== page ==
In order to land a superstar, sometimes you have to give up a star of your own.
Exactly 17 years ago to the day, the Denver Broncos traded away a young star running back in order to land a Hall of Famer in Champ Bailey. That’s right, following his stellar, back-to-back 1,500-yard rushing seasons, the Broncos traded away Clinton Portis to the Washington Redskins for Bailey; arguably the biggest blockbuster trade in franchise history.
The only trade which comes close? When the Broncos landed John Elway in 1983 for future first-round pick Chris Hinton, an offensive tackle.
But, the difference was that while Elway had gained much acclaim in college at Stanford, he hadn’t played a single down in the NFL when Denver traded for him. Conversely, Bailey was the best cornerback in the NFL in 2004, and it took blossoming star Portis to make it all happen.
Not only did he rush for 1,500-plus yards in his first two seasons in the league, Portis averaged a league-leading 5.5 yards per carry in 2003. He also put together an incredible 218-yard, 5-touchdown game in late 2003 in which he said to the Undefeated, “How could I forget that game? It was the game that got me traded,” said Portis.
Rewind to that time, and giving up Portis was a big deal, even if Mike Shanahan’s offense was known for being able to plug in any running back and watch him run for 1,000-plus yards. He was so electric during those first two years, his 3,099 yards ranks him eighth all-time in Broncos rushing history, and his 29 scores rank him 6th.
But the biggest gamble in Broncos history all paid off when the veteran cornerback pushed himself to being the best cornerback in the NFL in 2005-06, racking up a crazy 18 interceptions in those two years and being named first-team All-Pro his first three years in the Mile High City.
The point is, to get someone incredible, you have to give up a young, blossoming star, sometimes.
That’s exactly where the Broncos sit now, looking at transforming not their defense, but their offense this time around by trading for superstar quarterback Deshaun Watson.
Much has been made of what it would take to land Watson, whom the Houston Texans continue to say they won’t trade. That package is three first-round picks, two second-round picks and a young phenom. At least, that’s the starting point, which sounds crazy until you realize Watson is a top-5 quarterback already and he’s a mere 25 years old.
Denver’s No. 9 overall pick is the highest they’ve had since drafting Bradley Chubb at No. 5 back in 2018. Since then, he’s played in 34 games with 20.5 sacks and 4 forced fumbles; he could be the next Von Miller.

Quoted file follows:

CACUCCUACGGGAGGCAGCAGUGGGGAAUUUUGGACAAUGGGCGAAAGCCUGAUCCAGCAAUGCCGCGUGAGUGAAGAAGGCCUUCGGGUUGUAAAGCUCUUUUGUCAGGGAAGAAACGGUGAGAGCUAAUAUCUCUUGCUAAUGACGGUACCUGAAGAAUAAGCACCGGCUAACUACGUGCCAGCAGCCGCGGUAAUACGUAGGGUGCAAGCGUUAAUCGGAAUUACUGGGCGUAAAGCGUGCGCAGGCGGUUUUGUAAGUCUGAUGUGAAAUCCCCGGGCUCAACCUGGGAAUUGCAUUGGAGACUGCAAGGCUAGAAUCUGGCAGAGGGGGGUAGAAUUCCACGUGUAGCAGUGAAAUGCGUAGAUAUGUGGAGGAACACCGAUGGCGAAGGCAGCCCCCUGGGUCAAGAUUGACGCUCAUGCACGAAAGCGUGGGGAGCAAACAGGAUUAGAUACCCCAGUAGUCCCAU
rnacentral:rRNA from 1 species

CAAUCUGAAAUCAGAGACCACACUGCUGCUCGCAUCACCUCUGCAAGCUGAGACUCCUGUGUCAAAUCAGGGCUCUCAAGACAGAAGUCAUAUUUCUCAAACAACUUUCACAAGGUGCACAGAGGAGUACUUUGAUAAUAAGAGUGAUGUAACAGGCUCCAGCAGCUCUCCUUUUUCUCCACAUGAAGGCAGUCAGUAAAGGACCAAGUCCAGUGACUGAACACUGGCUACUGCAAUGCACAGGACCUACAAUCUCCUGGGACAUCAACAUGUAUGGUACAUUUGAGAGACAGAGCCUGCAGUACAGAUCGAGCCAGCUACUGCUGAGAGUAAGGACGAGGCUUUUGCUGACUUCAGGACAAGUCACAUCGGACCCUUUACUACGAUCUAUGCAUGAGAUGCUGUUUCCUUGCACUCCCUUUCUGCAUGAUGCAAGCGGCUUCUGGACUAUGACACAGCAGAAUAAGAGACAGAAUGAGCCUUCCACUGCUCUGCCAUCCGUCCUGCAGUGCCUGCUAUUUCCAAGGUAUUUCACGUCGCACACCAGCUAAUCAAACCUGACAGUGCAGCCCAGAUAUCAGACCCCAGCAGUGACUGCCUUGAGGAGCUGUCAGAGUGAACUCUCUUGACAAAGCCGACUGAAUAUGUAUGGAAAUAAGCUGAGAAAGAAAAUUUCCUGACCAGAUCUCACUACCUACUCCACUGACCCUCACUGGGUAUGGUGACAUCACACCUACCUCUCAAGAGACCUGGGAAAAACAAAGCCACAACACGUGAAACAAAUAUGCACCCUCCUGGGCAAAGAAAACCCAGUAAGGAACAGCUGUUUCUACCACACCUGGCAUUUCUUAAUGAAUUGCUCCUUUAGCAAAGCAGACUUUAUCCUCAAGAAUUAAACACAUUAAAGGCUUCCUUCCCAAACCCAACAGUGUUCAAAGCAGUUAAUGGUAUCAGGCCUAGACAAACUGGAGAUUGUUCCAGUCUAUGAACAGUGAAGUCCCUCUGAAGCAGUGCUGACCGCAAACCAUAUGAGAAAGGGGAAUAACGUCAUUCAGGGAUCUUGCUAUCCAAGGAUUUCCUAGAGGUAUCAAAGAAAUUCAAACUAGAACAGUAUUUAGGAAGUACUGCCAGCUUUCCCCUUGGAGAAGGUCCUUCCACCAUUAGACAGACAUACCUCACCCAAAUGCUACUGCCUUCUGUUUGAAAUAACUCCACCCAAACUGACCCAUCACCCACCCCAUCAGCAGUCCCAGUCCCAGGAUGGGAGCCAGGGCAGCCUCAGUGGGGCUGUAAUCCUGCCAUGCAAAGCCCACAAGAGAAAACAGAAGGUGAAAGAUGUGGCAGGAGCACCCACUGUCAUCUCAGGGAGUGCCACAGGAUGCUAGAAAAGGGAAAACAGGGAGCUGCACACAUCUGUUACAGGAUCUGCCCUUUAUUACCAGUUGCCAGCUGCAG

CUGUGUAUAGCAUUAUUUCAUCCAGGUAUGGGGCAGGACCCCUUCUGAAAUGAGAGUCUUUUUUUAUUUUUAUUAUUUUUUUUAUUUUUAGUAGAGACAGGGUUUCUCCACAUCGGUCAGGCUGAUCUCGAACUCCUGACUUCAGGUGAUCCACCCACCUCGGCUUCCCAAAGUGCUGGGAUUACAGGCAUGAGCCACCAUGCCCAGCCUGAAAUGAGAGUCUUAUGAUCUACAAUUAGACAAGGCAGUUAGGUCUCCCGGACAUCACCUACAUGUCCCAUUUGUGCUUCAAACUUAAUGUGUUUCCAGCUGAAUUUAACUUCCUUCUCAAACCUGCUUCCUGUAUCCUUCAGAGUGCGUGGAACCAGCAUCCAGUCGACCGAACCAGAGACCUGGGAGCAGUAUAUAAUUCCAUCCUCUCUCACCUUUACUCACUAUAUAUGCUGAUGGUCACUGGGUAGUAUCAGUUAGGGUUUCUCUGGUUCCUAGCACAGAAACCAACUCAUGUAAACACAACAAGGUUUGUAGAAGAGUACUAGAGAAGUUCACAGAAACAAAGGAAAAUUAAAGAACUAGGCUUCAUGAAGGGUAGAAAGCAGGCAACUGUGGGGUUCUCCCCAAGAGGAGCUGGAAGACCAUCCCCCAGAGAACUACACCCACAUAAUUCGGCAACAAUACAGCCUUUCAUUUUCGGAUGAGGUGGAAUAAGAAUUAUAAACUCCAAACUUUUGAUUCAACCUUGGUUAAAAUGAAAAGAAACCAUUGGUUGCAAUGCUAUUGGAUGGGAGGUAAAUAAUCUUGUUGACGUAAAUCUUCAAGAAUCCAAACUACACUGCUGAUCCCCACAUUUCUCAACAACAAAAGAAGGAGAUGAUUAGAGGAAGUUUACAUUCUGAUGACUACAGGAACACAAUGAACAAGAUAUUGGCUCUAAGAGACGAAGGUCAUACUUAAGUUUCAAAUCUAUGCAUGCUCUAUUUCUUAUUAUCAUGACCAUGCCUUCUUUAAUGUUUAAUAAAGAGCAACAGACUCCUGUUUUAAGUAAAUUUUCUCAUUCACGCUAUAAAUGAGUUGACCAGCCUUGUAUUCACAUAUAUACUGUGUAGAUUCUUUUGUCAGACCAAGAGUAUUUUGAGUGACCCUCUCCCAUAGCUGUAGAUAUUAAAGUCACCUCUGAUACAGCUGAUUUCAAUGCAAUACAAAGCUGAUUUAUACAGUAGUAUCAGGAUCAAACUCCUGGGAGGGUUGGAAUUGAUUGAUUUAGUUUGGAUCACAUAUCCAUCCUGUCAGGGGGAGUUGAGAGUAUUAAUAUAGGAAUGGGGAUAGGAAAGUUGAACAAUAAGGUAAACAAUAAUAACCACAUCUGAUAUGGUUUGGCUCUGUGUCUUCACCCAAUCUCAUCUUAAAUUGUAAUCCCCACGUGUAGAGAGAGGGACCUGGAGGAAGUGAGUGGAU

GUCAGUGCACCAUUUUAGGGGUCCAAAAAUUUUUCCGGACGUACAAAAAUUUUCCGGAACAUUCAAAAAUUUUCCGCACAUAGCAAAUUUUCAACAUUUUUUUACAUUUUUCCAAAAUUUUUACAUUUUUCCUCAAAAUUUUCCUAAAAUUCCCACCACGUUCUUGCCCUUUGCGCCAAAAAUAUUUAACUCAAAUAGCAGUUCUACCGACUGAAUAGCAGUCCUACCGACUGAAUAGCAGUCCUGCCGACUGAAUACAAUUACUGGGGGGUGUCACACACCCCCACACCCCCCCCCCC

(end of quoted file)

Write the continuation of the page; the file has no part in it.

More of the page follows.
Ironically, Chubb is the player most have targeted as who the Broncos could trade for Watson, along with all those picks; a true King’s ransom. And, even if that’s a tough pill to swallow, the George Paton and the Broncos should absolutely pull the trigger on that deal if it presents itself.
Denver’s infamously sat in quarterbacking purgatory since Peyton Manning rode off into the sunset a Super Bowl 50 winner five years ago, trying out too many quarterbacks to name here. And as it sits, Drew Lock’s first two years have been marred by two different injuries and too many turnovers; he simply isn’t “the guy.”
And it seems like Paton knows as much. That’s why the Broncos went after Matthew Stafford before the veteran was traded to the LA Rams, and it’s why they sniffed around Carson Wentz, too.
Watson is “the guy” who would immediately make Denver Super Bowl contenders. Their receiving corps is a step up from what the Texans trotted out onto the field this year, and Watson threw for career-highs in yards (4,823) and touchdowns (33). Imagine what he can do with Courtland Sutton, Jerry Judy, Noah Fant, Tim Patrick and K.J. Hamler.
Defensively, losing Chubb would be a big-time blow, but the Broncos are fairly stacked on that side of the ball. And it seems likely guys like Kareem Jackson — Watson’s former teammate — and Von Miller would restructure their big deals for the opportunity to play with a superstar quarterback. Plus, Vic Fangio got the head coaching job because he’s a defensive wiz, limiting the AFC West champion Chiefs to 22 and 23 points in 2-of-4 games he’s coached against Andy Reid.
Surely, trading away all those picks — or even 2 firsts — would be difficult for Paton, who’s yet to lead a draft in Denver, but with Watson comes the opportunity to compete with Patrick Mahomes and the Chiefs for the next decade.
Adding Watson would mean Denver would become a desirable destination again, bringing the “Manning Effect,” and being able to attract tons of big time free agents to join in the hunt for a title.
No one can say for sure this blockbuster trade would work out as well for Denver as the one 17 years ago did, but, fortune favors the bold. If Paton has a serious chance of landing Watson, he’s got to go all-in.